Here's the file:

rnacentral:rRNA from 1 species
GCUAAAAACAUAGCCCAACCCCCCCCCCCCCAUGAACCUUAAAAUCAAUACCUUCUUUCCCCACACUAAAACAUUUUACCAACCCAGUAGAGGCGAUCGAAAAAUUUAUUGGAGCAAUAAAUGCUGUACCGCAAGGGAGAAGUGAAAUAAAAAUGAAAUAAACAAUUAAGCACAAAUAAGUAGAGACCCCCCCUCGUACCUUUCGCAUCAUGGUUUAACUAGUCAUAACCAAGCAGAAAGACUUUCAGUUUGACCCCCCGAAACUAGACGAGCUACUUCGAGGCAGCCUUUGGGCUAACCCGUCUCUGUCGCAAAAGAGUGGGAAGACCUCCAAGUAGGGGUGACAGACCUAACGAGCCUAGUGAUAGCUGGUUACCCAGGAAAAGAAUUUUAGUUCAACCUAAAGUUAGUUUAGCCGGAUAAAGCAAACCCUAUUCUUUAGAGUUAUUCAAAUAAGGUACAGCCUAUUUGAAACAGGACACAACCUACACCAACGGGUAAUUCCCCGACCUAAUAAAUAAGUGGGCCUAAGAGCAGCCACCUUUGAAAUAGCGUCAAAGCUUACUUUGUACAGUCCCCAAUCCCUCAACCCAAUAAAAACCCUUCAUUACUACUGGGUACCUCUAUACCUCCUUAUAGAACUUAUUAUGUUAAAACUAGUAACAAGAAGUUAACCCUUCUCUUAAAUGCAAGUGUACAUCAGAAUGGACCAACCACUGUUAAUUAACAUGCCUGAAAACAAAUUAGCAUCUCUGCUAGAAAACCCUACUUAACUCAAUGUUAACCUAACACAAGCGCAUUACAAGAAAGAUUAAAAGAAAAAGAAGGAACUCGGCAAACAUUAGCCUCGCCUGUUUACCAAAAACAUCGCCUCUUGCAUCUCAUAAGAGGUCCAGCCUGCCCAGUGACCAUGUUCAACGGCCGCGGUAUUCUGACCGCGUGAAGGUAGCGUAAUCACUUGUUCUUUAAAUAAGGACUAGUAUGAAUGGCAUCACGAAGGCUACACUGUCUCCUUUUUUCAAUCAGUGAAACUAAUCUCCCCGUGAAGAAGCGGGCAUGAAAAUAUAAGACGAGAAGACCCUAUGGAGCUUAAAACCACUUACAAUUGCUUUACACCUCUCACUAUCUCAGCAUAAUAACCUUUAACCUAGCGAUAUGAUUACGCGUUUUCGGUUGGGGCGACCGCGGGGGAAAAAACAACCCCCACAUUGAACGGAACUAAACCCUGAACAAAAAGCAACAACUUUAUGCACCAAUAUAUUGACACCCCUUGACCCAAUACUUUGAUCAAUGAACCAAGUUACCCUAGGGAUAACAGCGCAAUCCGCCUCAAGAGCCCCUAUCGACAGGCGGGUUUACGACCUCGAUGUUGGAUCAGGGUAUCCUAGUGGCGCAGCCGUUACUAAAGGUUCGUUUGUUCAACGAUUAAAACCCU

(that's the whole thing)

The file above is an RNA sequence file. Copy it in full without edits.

rnacentral:rRNA from 1 species
GCUAAAAACAUAGCCCAACCCCCCCCCCCCCAUGAACCUUAAAAUCAAUACCUUCUUUCCCCACACUAAAACAUUUUACCAACCCAGUAGAGGCGAUCGAAAAAUUUAUUGGAGCAAUAAAUGCUGUACCGCAAGGGAGAAGUGAAAUAAAAAUGAAAUAAACAAUUAAGCACAAAUAAGUAGAGACCCCCCCUCGUACCUUUCGCAUCAUGGUUUAACUAGUCAUAACCAAGCAGAAAGACUUUCAGUUUGACCCCCCGAAACUAGACGAGCUACUUCGAGGCAGCCUUUGGGCUAACCCGUCUCUGUCGCAAAAGAGUGGGAAGACCUCCAAGUAGGGGUGACAGACCUAACGAGCCUAGUGAUAGCUGGUUACCCAGGAAAAGAAUUUUAGUUCAACCUAAAGUUAGUUUAGCCGGAUAAAGCAAACCCUAUUCUUUAGAGUUAUUCAAAUAAGGUACAGCCUAUUUGAAACAGGACACAACCUACACCAACGGGUAAUUCCCCGACCUAAUAAAUAAGUGGGCCUAAGAGCAGCCACCUUUGAAAUAGCGUCAAAGCUUACUUUGUACAGUCCCCAAUCCCUCAACCCAAUAAAAACCCUUCAUUACUACUGGGUACCUCUAUACCUCCUUAUAGAACUUAUUAUGUUAAAACUAGUAACAAGAAGUUAACCCUUCUCUUAAAUGCAAGUGUACAUCAGAAUGGACCAACCACUGUUAAUUAACAUGCCUGAAAACAAAUUAGCAUCUCUGCUAGAAAACCCUACUUAACUCAAUGUUAACCUAACACAAGCGCAUUACAAGAAAGAUUAAAAGAAAAAGAAGGAACUCGGCAAACAUUAGCCUCGCCUGUUUACCAAAAACAUCGCCUCUUGCAUCUCAUAAGAGGUCCAGCCUGCCCAGUGACCAUGUUCAACGGCCGCGGUAUUCUGACCGCGUGAAGGUAGCGUAAUCACUUGUUCUUUAAAUAAGGACUAGUAUGAAUGGCAUCACGAAGGCUACACUGUCUCCUUUUUUCAAUCAGUGAAACUAAUCUCCCCGUGAAGAAGCGGGCAUGAAAAUAUAAGACGAGAAGACCCUAUGGAGCUUAAAACCACUUACAAUUGCUUUACACCUCUCACUAUCUCAGCAUAAUAACCUUUAACCUAGCGAUAUGAUUACGCGUUUUCGGUUGGGGCGACCGCGGGGGAAAAAACAACCCCCACAUUGAACGGAACUAAACCCUGAACAAAAAGCAACAACUUUAUGCACCAAUAUAUUGACACCCCUUGACCCAAUACUUUGAUCAAUGAACCAAGUUACCCUAGGGAUAACAGCGCAAUCCGCCUCAAGAGCCCCUAUCGACAGGCGGGUUUACGACCUCGAUGUUGGAUCAGGGUAUCCUAGUGGCGCAGCCGUUACUAAAGGUUCGUUUGUUCAACGAUUAAAACCCU